RainScapes for Schools is a voluntary program where educational projects like rain gardens, conservations landscapes, and canopy trees can be implemented on Montgomery County Public School (MCPS) property with help from volunteers and support from the Department of Environmental Protection. These projects both reduce stormwater pollution and provide educational opportunities for students by strengthening their connection to nature during their school day.
The RainScapes for Schools program provides consultation and materials for these curriculum based outdoor classroom projects. All MCPS schools are eligible to apply for the RainScapes for Schools program provided they agree to provide volunteer labor for the installation and maintenance of the projects.
In addition to the RainScapes for Schools program, MCPS high schools can appfly for the RainScapes Growing Program. This program utilizes high school greenhouses for the production of plants to be used in the RainScapes for Schools projects. This program aligns with the emerging MCPS high school horticulture curriculum. For more information and resources on the RainScapes program please click here.
Private schools in Montgomery County interested in installing RainScapes projects and receiving a rebate should apply through our RainScapes Rewards Rebate Program for commercial and institutional properties category.
DEP Resources for Schools
How Watershed Friendly is your School?
This report card allows you to score your school grounds on a number of environmental aspects. How did your school do? What can you do to make it a better environment? Interested in doing a RainScapes for School project at your school? Contact us for more information at: email@example.com.
Stormwater Management on MCPS Properties
Most MCPS schools have stormwater management features in their grounds. The types of features vary, depending on when the school was designed and what the grounds layout allowed. MCPS and DEP coordinate efforts to ensure that stormwater management practices on school properties are in good working condition, providing the water quality and water quantity benefits for our local water resources such as streams and rivers that flow to the Chesapeake Bay Watershed.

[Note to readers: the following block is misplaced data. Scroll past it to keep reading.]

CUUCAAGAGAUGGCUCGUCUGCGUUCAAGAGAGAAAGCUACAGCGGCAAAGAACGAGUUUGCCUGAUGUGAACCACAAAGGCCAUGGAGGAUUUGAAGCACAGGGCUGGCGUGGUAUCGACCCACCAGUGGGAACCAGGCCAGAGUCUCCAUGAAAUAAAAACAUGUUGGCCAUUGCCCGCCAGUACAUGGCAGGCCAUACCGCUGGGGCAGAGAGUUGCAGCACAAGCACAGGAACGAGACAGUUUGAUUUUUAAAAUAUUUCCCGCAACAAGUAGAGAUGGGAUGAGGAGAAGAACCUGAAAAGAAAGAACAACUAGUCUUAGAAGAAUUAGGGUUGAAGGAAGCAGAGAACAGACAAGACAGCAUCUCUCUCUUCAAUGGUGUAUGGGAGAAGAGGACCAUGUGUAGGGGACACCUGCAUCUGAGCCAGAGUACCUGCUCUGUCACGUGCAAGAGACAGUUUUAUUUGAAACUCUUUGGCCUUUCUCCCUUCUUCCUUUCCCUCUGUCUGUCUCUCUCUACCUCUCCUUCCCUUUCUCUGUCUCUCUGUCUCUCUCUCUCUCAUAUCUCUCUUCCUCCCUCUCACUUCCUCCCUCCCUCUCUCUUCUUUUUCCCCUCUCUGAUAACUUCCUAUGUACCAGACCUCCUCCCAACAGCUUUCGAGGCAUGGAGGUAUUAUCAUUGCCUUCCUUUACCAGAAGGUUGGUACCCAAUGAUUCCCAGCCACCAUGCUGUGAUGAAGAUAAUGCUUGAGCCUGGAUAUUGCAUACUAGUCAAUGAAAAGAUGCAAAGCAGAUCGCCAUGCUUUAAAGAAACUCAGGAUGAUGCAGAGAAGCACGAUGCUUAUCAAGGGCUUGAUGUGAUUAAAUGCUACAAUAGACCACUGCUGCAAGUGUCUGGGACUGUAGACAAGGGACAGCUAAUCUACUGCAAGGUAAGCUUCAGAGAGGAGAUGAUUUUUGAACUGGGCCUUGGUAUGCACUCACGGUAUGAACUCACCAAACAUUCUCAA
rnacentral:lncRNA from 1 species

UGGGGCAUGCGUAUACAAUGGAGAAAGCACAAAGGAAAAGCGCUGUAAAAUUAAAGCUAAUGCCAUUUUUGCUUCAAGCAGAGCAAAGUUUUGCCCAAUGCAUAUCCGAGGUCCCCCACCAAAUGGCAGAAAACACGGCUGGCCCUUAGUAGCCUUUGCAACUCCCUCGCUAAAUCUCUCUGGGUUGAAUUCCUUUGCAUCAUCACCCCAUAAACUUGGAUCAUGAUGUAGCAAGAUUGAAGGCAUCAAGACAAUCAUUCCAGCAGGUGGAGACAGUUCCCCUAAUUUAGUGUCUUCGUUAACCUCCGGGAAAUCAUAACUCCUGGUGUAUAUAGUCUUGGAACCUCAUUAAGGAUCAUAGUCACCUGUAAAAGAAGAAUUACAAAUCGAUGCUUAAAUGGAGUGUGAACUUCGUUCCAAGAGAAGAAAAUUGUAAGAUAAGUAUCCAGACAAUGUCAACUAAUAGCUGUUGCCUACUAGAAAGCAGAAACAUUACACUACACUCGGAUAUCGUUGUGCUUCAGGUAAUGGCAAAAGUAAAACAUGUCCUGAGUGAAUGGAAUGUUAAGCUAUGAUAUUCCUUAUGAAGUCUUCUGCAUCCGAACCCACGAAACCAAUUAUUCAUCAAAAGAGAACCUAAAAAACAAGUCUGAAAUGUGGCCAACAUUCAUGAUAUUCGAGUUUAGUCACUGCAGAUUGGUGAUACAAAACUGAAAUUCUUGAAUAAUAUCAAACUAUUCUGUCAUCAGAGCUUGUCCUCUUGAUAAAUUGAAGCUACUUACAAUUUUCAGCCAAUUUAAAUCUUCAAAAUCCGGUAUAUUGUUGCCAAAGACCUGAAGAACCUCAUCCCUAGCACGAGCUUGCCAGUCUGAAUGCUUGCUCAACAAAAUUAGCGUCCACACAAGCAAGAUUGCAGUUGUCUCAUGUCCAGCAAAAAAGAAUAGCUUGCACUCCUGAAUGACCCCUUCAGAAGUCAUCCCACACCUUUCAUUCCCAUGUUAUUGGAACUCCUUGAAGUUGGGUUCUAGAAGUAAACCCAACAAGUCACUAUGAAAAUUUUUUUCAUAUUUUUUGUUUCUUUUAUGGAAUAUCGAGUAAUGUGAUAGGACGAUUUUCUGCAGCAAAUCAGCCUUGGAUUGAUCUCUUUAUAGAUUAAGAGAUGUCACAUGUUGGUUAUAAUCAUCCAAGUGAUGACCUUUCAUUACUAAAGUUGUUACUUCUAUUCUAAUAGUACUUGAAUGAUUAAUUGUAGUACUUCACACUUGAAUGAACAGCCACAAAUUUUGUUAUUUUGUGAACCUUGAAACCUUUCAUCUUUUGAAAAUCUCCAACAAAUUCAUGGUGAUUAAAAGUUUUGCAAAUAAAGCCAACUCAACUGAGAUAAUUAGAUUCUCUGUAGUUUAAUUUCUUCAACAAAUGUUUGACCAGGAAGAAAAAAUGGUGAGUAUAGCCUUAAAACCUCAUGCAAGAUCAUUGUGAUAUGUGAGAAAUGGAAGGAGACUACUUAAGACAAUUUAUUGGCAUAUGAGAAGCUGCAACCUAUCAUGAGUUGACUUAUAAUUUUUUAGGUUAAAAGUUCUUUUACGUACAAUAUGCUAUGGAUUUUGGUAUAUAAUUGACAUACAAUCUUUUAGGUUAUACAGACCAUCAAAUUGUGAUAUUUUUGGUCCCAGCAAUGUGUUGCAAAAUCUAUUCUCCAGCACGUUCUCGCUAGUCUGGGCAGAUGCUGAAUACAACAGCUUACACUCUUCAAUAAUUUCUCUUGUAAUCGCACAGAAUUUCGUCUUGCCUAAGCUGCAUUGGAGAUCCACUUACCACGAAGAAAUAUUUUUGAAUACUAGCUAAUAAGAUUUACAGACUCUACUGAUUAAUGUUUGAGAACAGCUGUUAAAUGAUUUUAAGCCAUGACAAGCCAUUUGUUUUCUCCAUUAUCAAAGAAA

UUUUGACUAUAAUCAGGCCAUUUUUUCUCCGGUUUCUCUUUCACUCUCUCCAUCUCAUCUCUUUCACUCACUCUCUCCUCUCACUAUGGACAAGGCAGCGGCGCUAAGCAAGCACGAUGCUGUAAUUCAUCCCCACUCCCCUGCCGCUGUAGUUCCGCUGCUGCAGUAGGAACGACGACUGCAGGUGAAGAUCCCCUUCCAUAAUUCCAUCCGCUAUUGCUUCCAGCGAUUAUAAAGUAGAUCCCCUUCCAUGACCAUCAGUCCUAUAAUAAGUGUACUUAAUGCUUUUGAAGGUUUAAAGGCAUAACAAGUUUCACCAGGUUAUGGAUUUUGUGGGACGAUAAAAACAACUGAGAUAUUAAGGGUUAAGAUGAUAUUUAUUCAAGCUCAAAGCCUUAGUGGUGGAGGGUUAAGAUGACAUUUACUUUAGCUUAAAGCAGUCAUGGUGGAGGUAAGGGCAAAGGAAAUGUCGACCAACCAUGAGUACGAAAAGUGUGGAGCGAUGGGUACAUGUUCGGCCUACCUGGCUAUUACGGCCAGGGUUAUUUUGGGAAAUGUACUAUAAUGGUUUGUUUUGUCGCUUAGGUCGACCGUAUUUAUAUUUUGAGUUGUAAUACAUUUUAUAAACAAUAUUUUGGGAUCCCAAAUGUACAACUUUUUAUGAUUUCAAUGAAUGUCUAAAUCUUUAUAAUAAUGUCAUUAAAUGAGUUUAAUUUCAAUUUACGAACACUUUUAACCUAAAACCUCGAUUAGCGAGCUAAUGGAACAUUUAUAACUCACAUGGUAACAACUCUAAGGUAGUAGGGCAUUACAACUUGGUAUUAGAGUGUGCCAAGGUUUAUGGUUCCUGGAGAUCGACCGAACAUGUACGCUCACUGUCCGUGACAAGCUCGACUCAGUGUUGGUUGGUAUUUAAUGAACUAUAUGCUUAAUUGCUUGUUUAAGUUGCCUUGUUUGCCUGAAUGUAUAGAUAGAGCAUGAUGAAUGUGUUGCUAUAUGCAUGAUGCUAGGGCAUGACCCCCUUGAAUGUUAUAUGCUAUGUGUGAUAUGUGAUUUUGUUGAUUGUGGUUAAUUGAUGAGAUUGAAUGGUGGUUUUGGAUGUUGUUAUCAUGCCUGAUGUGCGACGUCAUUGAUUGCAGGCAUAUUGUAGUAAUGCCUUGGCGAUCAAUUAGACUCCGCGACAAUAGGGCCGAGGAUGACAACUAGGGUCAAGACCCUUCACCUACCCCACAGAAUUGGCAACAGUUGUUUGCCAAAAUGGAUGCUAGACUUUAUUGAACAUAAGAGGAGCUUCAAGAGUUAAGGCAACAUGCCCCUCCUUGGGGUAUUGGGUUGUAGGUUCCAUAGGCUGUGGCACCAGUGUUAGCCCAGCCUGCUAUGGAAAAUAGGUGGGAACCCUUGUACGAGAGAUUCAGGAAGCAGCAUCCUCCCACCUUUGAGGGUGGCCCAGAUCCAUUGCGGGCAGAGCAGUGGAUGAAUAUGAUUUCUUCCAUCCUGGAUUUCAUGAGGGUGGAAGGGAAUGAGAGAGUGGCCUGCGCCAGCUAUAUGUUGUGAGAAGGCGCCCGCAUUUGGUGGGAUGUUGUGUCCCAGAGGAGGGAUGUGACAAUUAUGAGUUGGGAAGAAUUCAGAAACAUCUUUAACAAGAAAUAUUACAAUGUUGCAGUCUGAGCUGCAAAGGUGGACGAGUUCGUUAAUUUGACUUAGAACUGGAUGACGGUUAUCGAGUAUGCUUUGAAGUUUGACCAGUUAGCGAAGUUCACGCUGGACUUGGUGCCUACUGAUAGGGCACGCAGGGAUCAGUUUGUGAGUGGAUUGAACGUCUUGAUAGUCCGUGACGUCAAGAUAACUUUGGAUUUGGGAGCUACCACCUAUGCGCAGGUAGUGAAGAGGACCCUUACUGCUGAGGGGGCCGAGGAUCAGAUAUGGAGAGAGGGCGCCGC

Other fact sheets can be found here:
If you wish to find out about facilities on your school property, please contact AskDEP@montgomerycountymd.gov.
RainScapes for Schools Report
RainScapes for Schools Report (PDF, 3.21MB)
RainScapes for Schools have a number of goals and projects. The report on projects done by RainScapes for Schools 2010 - 2015 provides a brief overview of each project in addition to the overall accomplishments of the project.
Watershed Restoration and Watershed Health / Monitoring Links
(Click the blue titles to view the links):
Students can learn about the health of our local watersheds and streams!
DEP has many resources, including a way to find out where you are in your watershed on our website!
The results of our restoration efforts are aslo found on the DEP website.
Watershed restoration is an ongoing effort by DEP. Restoration is based on watershed studies and requires trained planners, designers, engineers and a wide range of environmental construction and biological expertise. Learn more about the process for restoration and where to find local restoration efforts on the Watershed Restoration page.
Our map shows the location of all our projects in Montgomery County. Click on the map to get more information about the process and tools used when restoring a stream, adding in storm water management to road right of ways or to modify older storm water facilities to enhance performance.
Presentations or career day speakers
Are you interested in having a Department of Environmental Protection staff member participate in a school career day or provide a presentation to your class or school? Send an email to AskDEP@montgomerycountymd.gov to request a speaker. Please list Ana Arriaza in the subject line. DEP Staff may be able to participate depending ont availability.
State and Local Curricular Requirements